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Wednesday, October 17 • 10:00am - 10:30am
Lightning Talks

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Surface and Interface — Alan Laidlaw, Home Depot
When the USAF discovered that their planes were crashing because the cockpits weren't shaped for pilots, they went back to the data. They found that the initial specs for pilot dimensions didn't fit a single pilot. The data wasn't wrong, there just wasn't an average pilot. So they told the plane manufacturers to fix it.
The manufacturers came back with adjustable seats. They turned what was previously a surface into an interface.
In order to apply ML, data science and UX need to overlap. This talk explores how to do that in the enterprise.

Gallery Wall Synthesis and Visualization in AR — Tomer Weiss, Wayfair
We present a design tool which allows users to create a gallery wall design, and visualize it in AR. To use our tool, a user selects the wall area to decorate, and an art piece. Then, our system automatically generates a recommendation based on art sampled from a database. The system takes into account common design criteria. With a mobile phone, the user can instantly visualize the resulting layout placed on a wall, browse wall art pieces, and generate new layout suggestions. We demonstrate how our tool can be applied for creating different wall art layouts for different decoration scenarios.

A fashion-aware fashion recommender — Amy Winecoff, Data Scientist at True Fit
This presentation introduces a style recommender for clothing and footwear. Fashion recommendation problems are characterized by sparse user/product interactions, large catalogs of styles, and many new users and products, i.e., the cold start problem. We present a hybrid recommender system that leverages a collaborative filter to decrease data sparsity prior to training a supervised learning algorithm based on user and product features. This addresses data sparsity issues and produces recommendations that are personal and do not require previous user product interactions.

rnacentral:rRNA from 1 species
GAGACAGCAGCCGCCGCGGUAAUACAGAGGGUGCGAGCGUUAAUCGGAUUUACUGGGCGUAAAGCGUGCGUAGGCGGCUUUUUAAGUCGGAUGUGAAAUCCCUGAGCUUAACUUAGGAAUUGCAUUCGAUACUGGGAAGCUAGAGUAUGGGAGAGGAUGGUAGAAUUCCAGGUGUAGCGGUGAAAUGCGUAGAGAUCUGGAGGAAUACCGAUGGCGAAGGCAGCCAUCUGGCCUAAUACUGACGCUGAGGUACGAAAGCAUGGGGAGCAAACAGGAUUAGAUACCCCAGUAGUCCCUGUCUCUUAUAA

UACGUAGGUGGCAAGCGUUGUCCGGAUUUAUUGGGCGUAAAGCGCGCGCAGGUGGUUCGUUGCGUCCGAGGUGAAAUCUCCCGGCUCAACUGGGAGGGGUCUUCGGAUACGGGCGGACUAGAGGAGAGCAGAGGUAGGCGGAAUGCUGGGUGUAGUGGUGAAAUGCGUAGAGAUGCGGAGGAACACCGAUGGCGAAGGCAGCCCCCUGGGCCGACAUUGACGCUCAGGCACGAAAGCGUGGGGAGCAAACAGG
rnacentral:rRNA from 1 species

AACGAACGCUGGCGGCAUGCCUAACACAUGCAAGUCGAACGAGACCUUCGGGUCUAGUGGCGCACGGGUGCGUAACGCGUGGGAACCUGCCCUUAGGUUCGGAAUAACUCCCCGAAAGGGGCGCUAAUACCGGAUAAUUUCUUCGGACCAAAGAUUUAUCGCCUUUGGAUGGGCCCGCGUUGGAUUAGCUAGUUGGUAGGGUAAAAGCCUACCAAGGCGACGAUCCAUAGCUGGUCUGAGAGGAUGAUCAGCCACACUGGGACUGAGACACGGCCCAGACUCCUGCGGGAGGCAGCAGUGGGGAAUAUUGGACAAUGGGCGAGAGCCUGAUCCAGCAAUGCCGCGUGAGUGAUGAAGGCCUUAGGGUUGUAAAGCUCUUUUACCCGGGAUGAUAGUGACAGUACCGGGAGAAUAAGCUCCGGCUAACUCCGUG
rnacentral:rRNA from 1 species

State of AI in Africa — Matt Grasser, Director of Inclusive FinTech at Bankable Frontier Associates
Earlier this year, BFA launched the first-ever report on artificial intelligence as it relates to financial services in Africa and the low-income customer. For financial services providers in Africa, the real value of AI and its forms, such as machine learning, lies in practical applications that can reduce the cost to serve and acquire customers -- creating more viable business models for broader segments of the market. Several financial services providers are already using AI to eliminate business inefficiencies, manage business and customer risk and create more seamless customer experiences. More and more providers, not just the large players, have the opportunity to do the same.

Wednesday October 17, 2018 10:00am - 10:30am
Horace Mann

Attendees (31)